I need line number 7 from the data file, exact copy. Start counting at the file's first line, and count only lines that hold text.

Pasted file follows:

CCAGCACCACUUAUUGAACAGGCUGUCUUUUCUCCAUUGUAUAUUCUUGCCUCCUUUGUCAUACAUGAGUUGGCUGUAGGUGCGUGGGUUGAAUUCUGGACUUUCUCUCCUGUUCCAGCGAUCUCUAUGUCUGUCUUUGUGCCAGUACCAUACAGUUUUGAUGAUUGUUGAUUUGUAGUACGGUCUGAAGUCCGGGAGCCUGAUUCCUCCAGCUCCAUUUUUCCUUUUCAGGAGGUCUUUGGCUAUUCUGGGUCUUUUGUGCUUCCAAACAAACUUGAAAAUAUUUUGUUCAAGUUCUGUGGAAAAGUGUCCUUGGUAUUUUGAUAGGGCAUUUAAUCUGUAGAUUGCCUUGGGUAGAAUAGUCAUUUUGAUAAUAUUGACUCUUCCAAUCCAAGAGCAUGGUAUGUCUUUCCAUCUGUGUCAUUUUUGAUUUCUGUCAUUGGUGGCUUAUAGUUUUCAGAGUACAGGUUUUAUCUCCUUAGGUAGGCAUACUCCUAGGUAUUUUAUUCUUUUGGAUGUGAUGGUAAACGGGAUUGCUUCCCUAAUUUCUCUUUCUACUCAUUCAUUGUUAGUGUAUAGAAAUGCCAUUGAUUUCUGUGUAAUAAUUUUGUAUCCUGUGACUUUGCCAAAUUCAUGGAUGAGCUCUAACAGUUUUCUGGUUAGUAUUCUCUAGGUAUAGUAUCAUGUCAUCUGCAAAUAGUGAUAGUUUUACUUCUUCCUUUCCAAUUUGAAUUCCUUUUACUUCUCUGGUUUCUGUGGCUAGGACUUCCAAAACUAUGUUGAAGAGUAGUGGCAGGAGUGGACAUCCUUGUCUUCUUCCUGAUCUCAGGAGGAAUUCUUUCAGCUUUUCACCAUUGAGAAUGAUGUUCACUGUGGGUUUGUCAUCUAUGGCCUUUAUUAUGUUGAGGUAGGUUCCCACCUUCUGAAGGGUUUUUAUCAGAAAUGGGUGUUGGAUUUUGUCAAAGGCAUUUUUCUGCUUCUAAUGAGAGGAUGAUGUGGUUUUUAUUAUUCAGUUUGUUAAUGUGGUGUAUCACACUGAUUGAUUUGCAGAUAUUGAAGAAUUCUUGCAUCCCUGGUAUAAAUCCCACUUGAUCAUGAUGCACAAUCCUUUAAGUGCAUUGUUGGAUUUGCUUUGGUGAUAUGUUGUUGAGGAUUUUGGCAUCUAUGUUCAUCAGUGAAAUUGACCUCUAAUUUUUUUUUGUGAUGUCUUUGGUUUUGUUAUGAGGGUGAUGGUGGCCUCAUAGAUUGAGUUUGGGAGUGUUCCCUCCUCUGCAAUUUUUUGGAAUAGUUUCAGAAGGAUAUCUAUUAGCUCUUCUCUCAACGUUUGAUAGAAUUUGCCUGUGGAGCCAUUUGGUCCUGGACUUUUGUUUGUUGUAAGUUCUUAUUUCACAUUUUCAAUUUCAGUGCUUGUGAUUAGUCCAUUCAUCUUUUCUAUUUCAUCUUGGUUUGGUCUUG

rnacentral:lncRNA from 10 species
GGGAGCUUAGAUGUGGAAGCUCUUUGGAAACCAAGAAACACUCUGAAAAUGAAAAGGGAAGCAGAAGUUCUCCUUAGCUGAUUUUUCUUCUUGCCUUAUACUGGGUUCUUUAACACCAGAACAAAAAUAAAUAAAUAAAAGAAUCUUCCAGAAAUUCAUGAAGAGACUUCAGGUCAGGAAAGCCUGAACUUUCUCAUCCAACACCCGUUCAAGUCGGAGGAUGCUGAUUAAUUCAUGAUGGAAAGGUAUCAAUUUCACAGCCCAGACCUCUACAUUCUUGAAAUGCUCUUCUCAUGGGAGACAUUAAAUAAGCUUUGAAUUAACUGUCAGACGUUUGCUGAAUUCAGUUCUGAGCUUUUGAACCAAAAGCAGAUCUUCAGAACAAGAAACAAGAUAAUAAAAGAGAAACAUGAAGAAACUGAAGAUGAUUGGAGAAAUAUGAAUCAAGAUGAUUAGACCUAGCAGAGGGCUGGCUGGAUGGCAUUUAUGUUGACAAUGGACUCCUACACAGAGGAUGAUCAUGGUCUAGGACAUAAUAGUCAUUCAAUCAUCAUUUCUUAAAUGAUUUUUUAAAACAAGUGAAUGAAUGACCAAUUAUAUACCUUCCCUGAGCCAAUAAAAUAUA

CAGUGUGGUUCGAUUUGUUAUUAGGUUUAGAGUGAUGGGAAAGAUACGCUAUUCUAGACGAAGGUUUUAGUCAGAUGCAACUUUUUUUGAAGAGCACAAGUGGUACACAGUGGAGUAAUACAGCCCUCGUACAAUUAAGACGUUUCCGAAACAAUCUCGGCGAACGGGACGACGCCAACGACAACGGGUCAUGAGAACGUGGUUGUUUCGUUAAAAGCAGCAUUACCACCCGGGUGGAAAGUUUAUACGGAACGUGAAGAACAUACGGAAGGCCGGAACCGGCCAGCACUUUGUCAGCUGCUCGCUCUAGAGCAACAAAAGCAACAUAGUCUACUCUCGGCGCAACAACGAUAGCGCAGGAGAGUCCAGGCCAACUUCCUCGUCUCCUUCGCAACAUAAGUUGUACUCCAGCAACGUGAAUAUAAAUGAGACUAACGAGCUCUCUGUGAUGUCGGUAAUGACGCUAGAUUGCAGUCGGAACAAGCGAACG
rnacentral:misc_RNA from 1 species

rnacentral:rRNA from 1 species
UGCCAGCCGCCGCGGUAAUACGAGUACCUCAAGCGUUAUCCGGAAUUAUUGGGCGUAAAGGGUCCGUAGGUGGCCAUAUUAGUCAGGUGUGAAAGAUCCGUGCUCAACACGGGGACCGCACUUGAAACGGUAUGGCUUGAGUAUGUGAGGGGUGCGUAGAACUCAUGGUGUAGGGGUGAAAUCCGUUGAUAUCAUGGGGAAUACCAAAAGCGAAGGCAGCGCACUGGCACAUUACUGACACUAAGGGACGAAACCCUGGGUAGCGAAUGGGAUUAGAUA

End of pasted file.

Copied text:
UGCCAGCCGCCGCGGUAAUACGAGUACCUCAAGCGUUAUCCGGAAUUAUUGGGCGUAAAGGGUCCGUAGGUGGCCAUAUUAGUCAGGUGUGAAAGAUCCGUGCUCAACACGGGGACCGCACUUGAAACGGUAUGGCUUGAGUAUGUGAGGGGUGCGUAGAACUCAUGGUGUAGGGGUGAAAUCCGUUGAUAUCAUGGGGAAUACCAAAAGCGAAGGCAGCGCACUGGCACAUUACUGACACUAAGGGACGAAACCCUGGGUAGCGAAUGGGAUUAGAUA